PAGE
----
Date of this Version
ShriHarsha Uppaluri, "A. Catalysis of CO-PROX by Water-Soluble Rhodium Fluorinated Porphyrins; B. Studies toward Fluorination of Electron Rich Aromatics by Nucleophilic Fluoride", Ph.D. Thesis 2013, University of Nebraska
The rhodium(III) derivative of a water soluble, heavily fluorinated porphyrin is shown to catalyze the low temperature, low pressure selective oxidation of carbon monoxide in hydrogen gas streams for use in fuel cell applications. The catalytic activity is a direct result of the removal of electron density from the metal center. Selectivity for CO oxidation is a direct consequence of fluorination of the porphyrin periphery, since these substituents enhance the rate of the reaction and prevent the formation of Rh(II)-Rh(II) dimmers. Significantly, the dramatic increase in rhodium hydride acidity caused by fluorination precludes hydrogen activation and generation, thereby permitting preferential oxidation (PROX) of carbon monoxide in the presence of hydrogen. Addition of the redox mediator dye indigo carmine scavenges deleterious active oxygen species and hence permits air or dioxygen to be used as a terminal oxidant for this process.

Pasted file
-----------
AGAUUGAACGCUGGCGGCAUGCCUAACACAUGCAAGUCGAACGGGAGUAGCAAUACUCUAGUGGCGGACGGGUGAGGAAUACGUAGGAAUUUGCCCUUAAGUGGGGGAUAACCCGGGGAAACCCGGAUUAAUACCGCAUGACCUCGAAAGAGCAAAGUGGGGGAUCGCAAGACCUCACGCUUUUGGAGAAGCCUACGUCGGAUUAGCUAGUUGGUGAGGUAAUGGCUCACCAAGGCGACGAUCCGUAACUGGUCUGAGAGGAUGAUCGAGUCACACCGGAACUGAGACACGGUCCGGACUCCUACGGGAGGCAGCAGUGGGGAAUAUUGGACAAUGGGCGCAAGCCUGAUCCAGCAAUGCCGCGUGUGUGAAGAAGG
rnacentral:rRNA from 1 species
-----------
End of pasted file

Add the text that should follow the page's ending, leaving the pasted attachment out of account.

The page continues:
An improved arene fluorination methodology via the reductive elimination of diaryliodonium fluoride salts is applied to the synthesis of 2-fluoroestradiol, whose fluorine-18 analog is a radiotracer used in positron emission tomography (PET). The use of nonpolar solvents suppresses disproportionation and other deleterious reactions and leads to significant improvements in the fluorination yields. The method is conducive to the rapid synthesis of fluorine-18 labeled radiotracers using nucleophilic fluoride sources for PET applications.
Attempts at accomplishing fluorination of an electron rich aromatic using nucleophilic fluoride via the reductive elimination of arylfluoropalladium(II) complexes are described.
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